Internal reconstruction, when not a sort of preliminary to the application of the comparative method, is most useful in cases where the superior analytic power of the comparative method is unavailable.Fact|date=July 2007

Internal reconstruction can also draw limited inferences from peculiarities of distribution. Even before comparative investigations had sorted out the true history of Indo-Iranian phonology, some scholars had wondered if the extraordinary frequency of the phoneme /a/ in Sanskrit (20% of all phonemes together, a stupendous total) might point to some historical fusion of two or more vowels. (In fact, it represents the final outcome of five different Proto-Indo-European syllabics two of which—the syllabic states of /m/ and /n/—can be discerned by the application of internal reconstruction.) But in such cases, internal analysis is better at raising questions than at answering them. The preternatural frequency of /a/ in Sanskrit hints at some sort of historical event, but does not lead, and cannot, to any "specific" theory.

Issues and Shortcomings

Neutralizing Environments

One issue in internal reconstruction is neutralizing environments, which can be an obstacle to historically correct analysis. Consider the following forms from Spanish, spelled phonemically rather than orthographically:


Although modern English has very little affixal morphology, its number includes a marker of the preterite, apart from verbs with vowel changes of the "find/found" sort, and the great majority of verbs that end in /t d/ take /əd/ as the marker of the preterite, as seen in Type I.

Can we make any generalizations about the membership of verbs in Types I and II? Most obviously, the Type II verbs all end in /t/ and /d/, though that is just like the members of Type I. Less obviously they are all without exception basic vocabulary. Note well that this is a claim about Type II verbs and not a claim about basic vocabulary: there are basic home-and-hearth verbs in Type I, too. But there are no denominative verbs in Type II, that is, verbs like "to gut, to braid, to hoard, to bed, to court, to head, to hand". There are no verbs of Latin or (a little harder to spot) of French origin; all stems like "depict, enact, denote, elude, preclude, convict" are Type I. Furthermore, all novel forms are inflected as Type I: all native speakers of English would presumably agree that the preterites of "to sned" and "to absquatulate" would most likely be "snedded" and "absquatulated".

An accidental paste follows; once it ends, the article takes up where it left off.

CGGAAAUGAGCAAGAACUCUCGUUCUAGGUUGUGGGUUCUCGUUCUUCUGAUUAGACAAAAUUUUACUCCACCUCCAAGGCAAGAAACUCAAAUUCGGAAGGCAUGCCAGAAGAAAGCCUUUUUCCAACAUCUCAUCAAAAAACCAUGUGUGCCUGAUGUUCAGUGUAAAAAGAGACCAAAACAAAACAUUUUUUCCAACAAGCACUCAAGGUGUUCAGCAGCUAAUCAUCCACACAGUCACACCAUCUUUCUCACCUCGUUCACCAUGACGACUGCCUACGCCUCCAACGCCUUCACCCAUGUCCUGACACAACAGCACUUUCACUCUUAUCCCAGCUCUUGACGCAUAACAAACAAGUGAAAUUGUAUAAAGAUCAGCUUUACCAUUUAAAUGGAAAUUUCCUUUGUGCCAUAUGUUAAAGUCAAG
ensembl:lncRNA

The inference from these considerations is that the absence of a "dental preterite" marker on roots ending in apical stops in Type II reflects a more original state of affairs, i.e., that in the early history of the language the "dental preterite" marker was in a sense absorbed into the root-final consonant when it was /t/ or /d/; the affix /əd/ after word-final apical stops then belongs to a later stratum in the evolution of the language. The same suffix is involved in both types, but with a 180∘reversal of "strategy": other exercises of internal reconstruction would point to the conclusion that the aboriginal affix of the dental preterites was /Vd/ (where V = a vowel of uncertain phonetics, and of course an inspection of Old English directly would reveal several different stem-vowels in the mix). In modern formations, it is stems ending in /t d/ that "preserve" the vowel of the preterite marker; in an earlier day, odd as it might seem, the loss of the stem vowel had taken place already prehistorically whenever the root ended in an apical stop.